Modeling snowpack dynamics and surface energy budget in boreal and subarctic peatlands and forests

Nousu, Jari-Pekka ; Lafaysse, Matthieu ; Mazzotti, Giulia ; Ala-aho, Pertti ; Marttila, Hannu ; Cluzet, Bertrand ; Aurela, Mika ; Lohila, Annalea ; Kolari, Pasi ; Boone, Aaron ; Fructus, Mathieu ; Launiainen, Samuli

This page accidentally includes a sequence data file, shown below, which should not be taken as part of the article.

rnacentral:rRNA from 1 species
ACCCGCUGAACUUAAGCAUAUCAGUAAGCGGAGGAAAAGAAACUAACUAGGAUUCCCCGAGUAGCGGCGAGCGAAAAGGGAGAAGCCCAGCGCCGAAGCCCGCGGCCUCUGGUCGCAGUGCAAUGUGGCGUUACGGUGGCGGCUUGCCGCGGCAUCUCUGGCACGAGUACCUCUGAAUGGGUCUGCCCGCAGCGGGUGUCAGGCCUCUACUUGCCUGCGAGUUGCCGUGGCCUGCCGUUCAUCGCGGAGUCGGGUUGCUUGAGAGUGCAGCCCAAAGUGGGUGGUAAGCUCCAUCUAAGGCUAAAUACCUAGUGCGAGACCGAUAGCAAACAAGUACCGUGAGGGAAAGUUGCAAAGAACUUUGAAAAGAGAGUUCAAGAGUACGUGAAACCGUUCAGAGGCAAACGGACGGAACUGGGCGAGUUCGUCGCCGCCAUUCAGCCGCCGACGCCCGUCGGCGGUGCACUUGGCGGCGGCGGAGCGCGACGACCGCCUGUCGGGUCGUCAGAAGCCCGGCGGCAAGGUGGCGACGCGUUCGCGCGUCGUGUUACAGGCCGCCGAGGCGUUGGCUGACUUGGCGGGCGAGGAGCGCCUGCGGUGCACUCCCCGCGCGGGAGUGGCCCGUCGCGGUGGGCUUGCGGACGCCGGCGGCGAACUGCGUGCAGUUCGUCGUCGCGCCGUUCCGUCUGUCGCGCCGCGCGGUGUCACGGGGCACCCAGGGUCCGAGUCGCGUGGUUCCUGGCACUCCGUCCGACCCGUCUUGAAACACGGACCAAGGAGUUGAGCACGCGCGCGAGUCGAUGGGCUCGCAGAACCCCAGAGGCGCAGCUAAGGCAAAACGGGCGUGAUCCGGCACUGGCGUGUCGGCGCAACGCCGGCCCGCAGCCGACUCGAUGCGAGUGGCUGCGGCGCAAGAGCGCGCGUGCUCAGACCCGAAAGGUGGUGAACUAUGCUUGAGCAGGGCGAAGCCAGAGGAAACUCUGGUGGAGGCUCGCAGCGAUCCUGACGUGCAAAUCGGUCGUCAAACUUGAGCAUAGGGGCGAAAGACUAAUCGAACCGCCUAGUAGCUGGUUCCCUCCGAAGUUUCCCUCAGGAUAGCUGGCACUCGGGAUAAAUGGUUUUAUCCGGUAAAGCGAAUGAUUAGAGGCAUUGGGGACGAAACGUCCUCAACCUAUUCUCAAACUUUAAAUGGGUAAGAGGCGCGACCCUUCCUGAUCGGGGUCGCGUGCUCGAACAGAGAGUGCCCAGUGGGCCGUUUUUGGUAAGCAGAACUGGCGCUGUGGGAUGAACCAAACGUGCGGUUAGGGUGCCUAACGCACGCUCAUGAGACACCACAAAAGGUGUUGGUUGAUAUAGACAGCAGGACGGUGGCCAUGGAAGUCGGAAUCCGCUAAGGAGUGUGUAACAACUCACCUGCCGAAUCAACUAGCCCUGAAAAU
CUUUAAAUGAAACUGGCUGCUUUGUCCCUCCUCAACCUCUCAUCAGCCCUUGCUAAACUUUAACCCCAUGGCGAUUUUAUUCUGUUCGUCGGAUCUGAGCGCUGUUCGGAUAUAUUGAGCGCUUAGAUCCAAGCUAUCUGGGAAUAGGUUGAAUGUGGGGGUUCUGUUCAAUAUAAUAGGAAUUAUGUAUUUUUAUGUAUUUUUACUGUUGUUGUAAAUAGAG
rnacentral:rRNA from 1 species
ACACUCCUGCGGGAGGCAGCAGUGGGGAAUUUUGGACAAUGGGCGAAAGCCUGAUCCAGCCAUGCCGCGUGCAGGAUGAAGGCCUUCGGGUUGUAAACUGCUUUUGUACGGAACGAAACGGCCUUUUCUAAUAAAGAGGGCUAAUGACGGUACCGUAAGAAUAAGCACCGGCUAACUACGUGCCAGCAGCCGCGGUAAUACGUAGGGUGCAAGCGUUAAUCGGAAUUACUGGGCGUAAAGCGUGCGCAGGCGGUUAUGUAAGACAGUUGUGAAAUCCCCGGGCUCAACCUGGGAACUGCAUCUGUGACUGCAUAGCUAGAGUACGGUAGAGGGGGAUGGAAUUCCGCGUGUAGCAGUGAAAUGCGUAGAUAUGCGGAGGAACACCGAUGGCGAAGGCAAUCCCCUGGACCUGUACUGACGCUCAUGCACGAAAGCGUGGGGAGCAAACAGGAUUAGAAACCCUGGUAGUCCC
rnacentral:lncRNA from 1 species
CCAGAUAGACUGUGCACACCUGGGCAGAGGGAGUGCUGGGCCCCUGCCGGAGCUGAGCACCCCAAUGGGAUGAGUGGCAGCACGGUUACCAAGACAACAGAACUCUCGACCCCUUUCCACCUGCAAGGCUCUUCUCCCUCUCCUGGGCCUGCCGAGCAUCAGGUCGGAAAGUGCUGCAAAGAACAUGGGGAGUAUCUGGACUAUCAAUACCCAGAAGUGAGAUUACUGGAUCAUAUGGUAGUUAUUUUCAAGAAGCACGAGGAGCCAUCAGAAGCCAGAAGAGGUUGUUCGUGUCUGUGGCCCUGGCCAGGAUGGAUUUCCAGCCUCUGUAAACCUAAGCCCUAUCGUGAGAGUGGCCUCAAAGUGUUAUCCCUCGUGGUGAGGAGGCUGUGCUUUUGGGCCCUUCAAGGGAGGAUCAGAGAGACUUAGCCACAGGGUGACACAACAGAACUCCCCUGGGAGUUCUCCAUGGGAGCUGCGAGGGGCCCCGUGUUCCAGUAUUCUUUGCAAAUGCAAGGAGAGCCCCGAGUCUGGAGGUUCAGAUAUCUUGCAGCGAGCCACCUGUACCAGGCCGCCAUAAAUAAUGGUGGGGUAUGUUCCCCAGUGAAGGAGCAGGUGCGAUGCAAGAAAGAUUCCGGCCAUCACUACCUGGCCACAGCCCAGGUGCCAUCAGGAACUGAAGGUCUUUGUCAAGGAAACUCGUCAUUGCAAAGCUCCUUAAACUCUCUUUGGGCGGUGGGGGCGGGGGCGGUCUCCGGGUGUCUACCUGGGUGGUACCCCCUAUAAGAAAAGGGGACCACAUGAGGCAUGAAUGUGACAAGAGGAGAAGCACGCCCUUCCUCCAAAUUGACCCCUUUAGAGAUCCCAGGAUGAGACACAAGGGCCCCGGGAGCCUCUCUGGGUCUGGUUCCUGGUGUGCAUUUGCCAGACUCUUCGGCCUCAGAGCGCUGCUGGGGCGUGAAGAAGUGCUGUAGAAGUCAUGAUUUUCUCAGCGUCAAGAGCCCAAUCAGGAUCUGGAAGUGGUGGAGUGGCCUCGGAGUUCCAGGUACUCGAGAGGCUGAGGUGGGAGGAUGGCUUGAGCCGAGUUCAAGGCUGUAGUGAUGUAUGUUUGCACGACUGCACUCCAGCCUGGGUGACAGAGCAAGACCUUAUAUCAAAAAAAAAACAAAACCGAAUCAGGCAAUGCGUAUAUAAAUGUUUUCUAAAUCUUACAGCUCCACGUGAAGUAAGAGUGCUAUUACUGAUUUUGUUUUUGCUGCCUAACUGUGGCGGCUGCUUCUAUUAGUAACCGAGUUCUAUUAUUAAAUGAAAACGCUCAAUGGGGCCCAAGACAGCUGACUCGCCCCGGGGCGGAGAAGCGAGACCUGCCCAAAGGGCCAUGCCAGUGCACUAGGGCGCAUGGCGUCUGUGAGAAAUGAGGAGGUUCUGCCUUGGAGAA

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<p align=justify>The snowpack has a major influence on the land surface energy budget. Accurate simulation of the snowpack energy and radiation budget is challenging due to, e.g., effects of vegetation and topography, as well as limitations in the theoretical understanding of turbulent transfer in the stable boundary layer. Studies that evaluate snow, hydrology and land surface models against detailed observations of all surface energy balance components at high latitudes are scarce. In this study, we compared different configurations of the SURFEX land surface model against surface energy flux, snow depth and soil temperature observations from four eddy-covariance stations in Finland. The sites cover two different climate and snow conditions, representing the southern and northern subarctic zones, as well as the contrasting forest and peatland ecosystems typical for the boreal landscape. We tested different turbulent flux parameterizations implemented in the Crocus snowpack model. In addition, we examined common alternative approaches to conceptualize soil and vegetation, and we assessed their performance in simulating surface energy fluxes, snow conditions and soil thermal regime. Our results show that a stability correction function that increases the turbulent exchange under stable atmospheric conditions is imperative to simulate sensible heat fluxes over the peatland snowpacks and that realistic peat soil texture (soil organic content) parameterization greatly improves the soil temperature simulations. For accurate simulations of surface energy fluxes, snow and soil conditions in forests, an explicit vegetation representation is necessary. Moreover, we demonstrate the high sensitivity of surface fluxes to a poorly documented parameter involved in snow cover fraction computation. Although we focused on models within the SURFEX platform, the results have broader implications for choosing suitable turbulent flux parameterization and model structures depending on the potential use cases for high-latitude land surface modeling.</p>
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